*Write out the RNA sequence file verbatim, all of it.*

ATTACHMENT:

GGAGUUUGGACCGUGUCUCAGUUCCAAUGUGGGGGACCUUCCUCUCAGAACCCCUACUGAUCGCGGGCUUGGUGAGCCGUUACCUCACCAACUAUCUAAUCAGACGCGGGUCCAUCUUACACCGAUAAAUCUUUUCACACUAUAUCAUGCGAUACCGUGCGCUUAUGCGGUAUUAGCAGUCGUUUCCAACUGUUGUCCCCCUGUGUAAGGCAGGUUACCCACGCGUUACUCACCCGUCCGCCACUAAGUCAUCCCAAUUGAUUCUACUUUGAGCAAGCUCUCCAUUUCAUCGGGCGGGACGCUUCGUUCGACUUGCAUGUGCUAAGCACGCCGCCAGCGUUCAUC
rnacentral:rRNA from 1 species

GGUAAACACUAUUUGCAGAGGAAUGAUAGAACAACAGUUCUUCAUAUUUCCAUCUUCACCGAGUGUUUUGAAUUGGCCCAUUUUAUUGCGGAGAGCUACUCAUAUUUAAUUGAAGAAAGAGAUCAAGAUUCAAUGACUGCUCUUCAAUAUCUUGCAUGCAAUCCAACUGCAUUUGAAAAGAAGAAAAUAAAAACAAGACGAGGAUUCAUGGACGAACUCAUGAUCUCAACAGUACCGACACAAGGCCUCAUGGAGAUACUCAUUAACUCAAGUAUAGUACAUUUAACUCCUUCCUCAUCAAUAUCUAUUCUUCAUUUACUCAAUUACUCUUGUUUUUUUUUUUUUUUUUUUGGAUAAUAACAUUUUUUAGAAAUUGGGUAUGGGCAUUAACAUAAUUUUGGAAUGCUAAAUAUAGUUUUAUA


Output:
GGAGUUUGGACCGUGUCUCAGUUCCAAUGUGGGGGACCUUCCUCUCAGAACCCCUACUGAUCGCGGGCUUGGUGAGCCGUUACCUCACCAACUAUCUAAUCAGACGCGGGUCCAUCUUACACCGAUAAAUCUUUUCACACUAUAUCAUGCGAUACCGUGCGCUUAUGCGGUAUUAGCAGUCGUUUCCAACUGUUGUCCCCCUGUGUAAGGCAGGUUACCCACGCGUUACUCACCCGUCCGCCACUAAGUCAUCCCAAUUGAUUCUACUUUGAGCAAGCUCUCCAUUUCAUCGGGCGGGACGCUUCGUUCGACUUGCAUGUGCUAAGCACGCCGCCAGCGUUCAUC
rnacentral:rRNA from 1 species

GGUAAACACUAUUUGCAGAGGAAUGAUAGAACAACAGUUCUUCAUAUUUCCAUCUUCACCGAGUGUUUUGAAUUGGCCCAUUUUAUUGCGGAGAGCUACUCAUAUUUAAUUGAAGAAAGAGAUCAAGAUUCAAUGACUGCUCUUCAAUAUCUUGCAUGCAAUCCAACUGCAUUUGAAAAGAAGAAAAUAAAAACAAGACGAGGAUUCAUGGACGAACUCAUGAUCUCAACAGUACCGACACAAGGCCUCAUGGAGAUACUCAUUAACUCAAGUAUAGUACAUUUAACUCCUUCCUCAUCAAUAUCUAUUCUUCAUUUACUCAAUUACUCUUGUUUUUUUUUUUUUUUUUUUGGAUAAUAACAUUUUUUAGAAAUUGGGUAUGGGCAUUAACAUAAUUUUGGAAUGCUAAAUAUAGUUUUAUA